and we’re going to be talking about strong bones through osteogenic loading.
We’re going to talk to Dr. Jaquish, who began his experience in life sciences
after being told by his mother that she had been diagnosed with osteoporosis. In
an effort to assist her, he created a special device that places axial loading,
which he’ll define for us, through bone to safely cause osteogenic loading
events, and the device was to trigger the effects of high impact loading, but
without the risk of injury. And after he actually did help his mother to
successfully reverse her osteoporosis, and as part of his doctoral dissertation
in biomedical engineering research at Rushmore University, he conducted four
years of testing with human subjects and published the data, and that shows that
osteogenic loading has resulted in over 14% gains in bone density in both the
spine and hip over one year of once weekly treatments. So, Dr. Jaquish presented
this information at international osteoporosis conferences worldwide, and is on
the editorial board of Diabetes Open, and is a board member of American Bone
Health, the global leader in patient bone health education. The website you want
to look at is OsteoStrong.me, and there is a link right to it on our page and on
our archives here at The Natural Nurse and Dr. Z. So thank you so much for
joining us today, Dr. Jaquish.
Dr. John Jaquish: Thanks for having me.
Ellen Kamhi: And you’re coming in loud and clear.
Dr. John Jaquish: Great.
Ellen Kamhi: So let’s go back in time and tell the listeners our story about how
you got interested in bone health.
Dr. John Jaquish: You kind of said it. It was my mother.
Ellen Kamhi: Please tell us again.
Dr. John Jaquish: I did it when I was in university, and I came home, and like
most kids in school, they’re hungry and they need their laundry done, and I came
home and I could tell my mother was upset about something, and when I asked her,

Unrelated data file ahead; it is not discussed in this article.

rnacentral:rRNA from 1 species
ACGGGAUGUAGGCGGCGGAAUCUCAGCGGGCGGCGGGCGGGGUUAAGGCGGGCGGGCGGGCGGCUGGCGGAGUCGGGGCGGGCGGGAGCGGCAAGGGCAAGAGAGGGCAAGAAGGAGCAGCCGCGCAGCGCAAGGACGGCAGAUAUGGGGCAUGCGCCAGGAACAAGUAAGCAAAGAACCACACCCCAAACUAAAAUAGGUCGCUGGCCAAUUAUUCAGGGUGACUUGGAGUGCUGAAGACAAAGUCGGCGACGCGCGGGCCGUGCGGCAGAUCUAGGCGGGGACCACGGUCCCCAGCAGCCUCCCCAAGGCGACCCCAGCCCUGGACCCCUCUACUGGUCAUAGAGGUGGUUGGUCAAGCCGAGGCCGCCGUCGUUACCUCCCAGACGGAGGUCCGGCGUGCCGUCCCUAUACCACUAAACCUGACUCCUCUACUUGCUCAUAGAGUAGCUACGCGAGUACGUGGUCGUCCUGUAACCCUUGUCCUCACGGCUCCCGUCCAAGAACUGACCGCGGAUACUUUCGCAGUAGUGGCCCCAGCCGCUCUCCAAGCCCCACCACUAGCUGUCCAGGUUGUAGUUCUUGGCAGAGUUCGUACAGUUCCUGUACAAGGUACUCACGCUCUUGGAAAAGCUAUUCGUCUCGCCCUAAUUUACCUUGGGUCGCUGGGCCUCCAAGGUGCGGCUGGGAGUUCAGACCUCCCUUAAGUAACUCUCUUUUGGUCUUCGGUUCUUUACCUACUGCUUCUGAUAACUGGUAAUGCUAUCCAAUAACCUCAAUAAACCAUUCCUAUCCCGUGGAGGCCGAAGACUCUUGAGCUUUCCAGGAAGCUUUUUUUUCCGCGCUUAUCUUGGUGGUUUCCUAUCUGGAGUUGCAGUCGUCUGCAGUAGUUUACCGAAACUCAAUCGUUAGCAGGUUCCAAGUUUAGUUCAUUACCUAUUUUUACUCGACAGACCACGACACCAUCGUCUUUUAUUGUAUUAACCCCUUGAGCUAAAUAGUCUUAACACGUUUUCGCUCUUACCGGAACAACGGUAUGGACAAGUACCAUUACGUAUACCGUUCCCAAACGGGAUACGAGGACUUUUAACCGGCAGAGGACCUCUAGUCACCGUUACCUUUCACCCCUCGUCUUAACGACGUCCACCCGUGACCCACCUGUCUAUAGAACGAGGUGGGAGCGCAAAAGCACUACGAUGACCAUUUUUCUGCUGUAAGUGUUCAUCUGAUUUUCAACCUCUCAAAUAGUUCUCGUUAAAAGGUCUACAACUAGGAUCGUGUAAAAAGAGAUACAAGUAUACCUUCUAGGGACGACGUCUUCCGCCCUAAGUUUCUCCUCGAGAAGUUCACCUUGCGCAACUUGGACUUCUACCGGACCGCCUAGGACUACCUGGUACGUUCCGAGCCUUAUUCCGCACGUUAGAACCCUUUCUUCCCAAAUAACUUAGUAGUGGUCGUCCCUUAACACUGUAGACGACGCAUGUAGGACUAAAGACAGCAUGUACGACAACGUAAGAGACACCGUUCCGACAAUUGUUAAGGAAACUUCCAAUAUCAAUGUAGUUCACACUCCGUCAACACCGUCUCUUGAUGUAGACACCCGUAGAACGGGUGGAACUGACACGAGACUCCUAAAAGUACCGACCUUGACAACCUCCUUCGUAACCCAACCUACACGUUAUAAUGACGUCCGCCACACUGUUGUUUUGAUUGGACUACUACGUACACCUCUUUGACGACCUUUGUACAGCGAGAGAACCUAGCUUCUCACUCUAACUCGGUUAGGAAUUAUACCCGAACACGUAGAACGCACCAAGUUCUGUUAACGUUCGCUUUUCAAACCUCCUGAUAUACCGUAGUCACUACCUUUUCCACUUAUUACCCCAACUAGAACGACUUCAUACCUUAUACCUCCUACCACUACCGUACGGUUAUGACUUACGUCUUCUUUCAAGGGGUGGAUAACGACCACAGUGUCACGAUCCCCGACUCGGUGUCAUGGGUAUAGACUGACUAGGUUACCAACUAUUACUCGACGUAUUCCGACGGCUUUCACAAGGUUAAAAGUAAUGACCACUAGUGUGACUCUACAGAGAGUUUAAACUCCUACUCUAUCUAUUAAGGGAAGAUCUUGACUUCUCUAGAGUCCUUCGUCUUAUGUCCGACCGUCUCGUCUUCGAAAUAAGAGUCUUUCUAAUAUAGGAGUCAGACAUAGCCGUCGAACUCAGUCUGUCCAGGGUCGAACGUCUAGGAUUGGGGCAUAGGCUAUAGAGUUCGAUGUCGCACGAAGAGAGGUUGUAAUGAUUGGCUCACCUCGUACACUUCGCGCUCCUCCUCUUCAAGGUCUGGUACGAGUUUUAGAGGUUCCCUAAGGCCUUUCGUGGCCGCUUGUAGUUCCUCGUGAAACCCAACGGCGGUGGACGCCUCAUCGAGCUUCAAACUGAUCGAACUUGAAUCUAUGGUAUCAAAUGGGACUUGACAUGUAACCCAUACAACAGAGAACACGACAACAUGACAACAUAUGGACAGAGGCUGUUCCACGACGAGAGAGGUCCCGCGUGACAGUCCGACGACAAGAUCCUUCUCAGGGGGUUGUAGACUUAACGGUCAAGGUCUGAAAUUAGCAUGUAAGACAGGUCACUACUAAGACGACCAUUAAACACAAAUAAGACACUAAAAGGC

she said, “Well, I’m going to die.” My mother’s dramatic so I had heard that
before. So I said, “Why do you think you’re going to die, mom?” And she said
that she was diagnosed with osteoporosis. And so, as I began to read about it, I
realized she wasn’t overreacting, because the fracture data, hip fractures have
a similar morbidity rate, mortality rate to breast cancer. So most people don’t
realize that osteoporotic fractures end as many lives as breast cancer does.
It’s not as direct as breast cancer, because there’s a lot of complications that
end up challenging the life of these individuals. But I started reading about
it, and then I told her that this is a disease of deconditioning, and anything
that’s de-conditioned can become reconditioned. I know you talk about similar
things like that all the time. Right?
Ellen Kamhi: Well, that’s true, because the body can rebuild, and by changing
what we’re doing, we can change the outcome.
Dr. John Jaquish: That’s right. That’s right, yeah. Placing the body in a
different environment, so it has to change to attenuate the environment. So I
looked at some of the research that went towards high impact. I realized that
the people in our society that have highest bone density are those who absorb
very high impact, and gymnastics was a perfect event to study. There’s a great
library of literature, because the type of impact that gymnasts absorb is very
repeatable, and like in any experiment, you want repeatable events that you can
measure. So it worked well to analyze this and try and understand better how
they were doing it. As opposed to putting my mother in some sort of high impact
situation, which has a high risk associated with it, I wanted to create
something that gave the benefits of high impact without the risks.
Ellen Kamhi: Okay. Well, let’s do a little bit more definitions here so everyone
understands. What are high impact actions that many people might do without
using a particular machine?
Dr. John Jaquish: Well, low level impact is like heel strike as you walk. Now,
our heel strike changes as we age. Little kids sound like elephants when they’re
running on a hardwood floor, because they’re pounding their heels and they run
very hard, and that is what builds bone density. As individuals get older, we
shift weight towards the toes, and then even in elder years, people walk very